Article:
OK, so the Nats and Phillies have split a pair a Citizens Bank Park. The real action, however, is taking place in the inner sanctum of the Nationals' executive offices.
Monday at midnight marks the deadline to sign selections in the June amateur draft. It's the same old song and dance we get every season at this time, with negotiations going down to the 11th hour or beyond. It's not just the Nationals; as this is written, only 10 of the overall 33 first-round picks have signed (or agreed to terms). Nats general manager Mike Rizzo has stated his optimism regarding getting the top guys signed, but there's always that sense of uncertainly we'll get around dinnertime Monday.
Baseball seriously needs to change the system. Begin by moving the signing deadline up by at least a month, to July 15. Then, allow players drafted - and signed - by the deadline to be traded, if the right offer comes along, rather than making clubs wait a year before trading a drafted player. That would certainly spice up the July 31 non-waiver trading deadline, and we already see it done in other sports all the time.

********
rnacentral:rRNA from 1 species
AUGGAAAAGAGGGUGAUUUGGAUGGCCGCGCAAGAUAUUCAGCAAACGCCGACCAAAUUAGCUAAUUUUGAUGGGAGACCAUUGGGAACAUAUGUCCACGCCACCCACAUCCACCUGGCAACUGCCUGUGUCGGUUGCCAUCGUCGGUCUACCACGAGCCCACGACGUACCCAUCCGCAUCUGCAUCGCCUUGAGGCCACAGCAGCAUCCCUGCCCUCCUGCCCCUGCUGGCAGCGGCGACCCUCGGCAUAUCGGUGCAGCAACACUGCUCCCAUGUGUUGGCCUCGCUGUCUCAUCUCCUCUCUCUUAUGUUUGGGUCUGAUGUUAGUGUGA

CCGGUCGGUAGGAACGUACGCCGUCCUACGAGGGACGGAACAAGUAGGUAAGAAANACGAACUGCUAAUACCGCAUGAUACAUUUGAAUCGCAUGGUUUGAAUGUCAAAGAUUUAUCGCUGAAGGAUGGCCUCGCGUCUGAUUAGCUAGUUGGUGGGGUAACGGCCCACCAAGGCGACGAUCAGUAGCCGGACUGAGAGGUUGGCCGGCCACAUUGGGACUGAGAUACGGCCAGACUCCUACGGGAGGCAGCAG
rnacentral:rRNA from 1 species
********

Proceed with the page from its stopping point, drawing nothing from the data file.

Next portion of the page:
I would also entertain the idea of drafting fewer rounds. Years ago, teams drafted until everyone passed. One year, the Houston Astros drafted 100 players, though they didn't sign everyone they drafted. These days, there are 50 rounds, though because of compensatory picks, more than 1,500 players are selected. This year, 27 players were taken in the supplemental round that followed the first round, and to date, 14 of those young men have agreed to terms.
The Nationals' 2011 draft class received high marks from various draft gurus for names like Anthony Rendon, Alex Meyer and Matt Purke, but the club hasn't signed any of those guys. They have signed their fifth- through 12th-round picks, and 24 of their picks overall. Some they won't sign and still others will wait for another draft in hopes of improving their status. The bigger names will hopefully see what lies ahead in Washington, and get their careers under way.
The clock is ticking.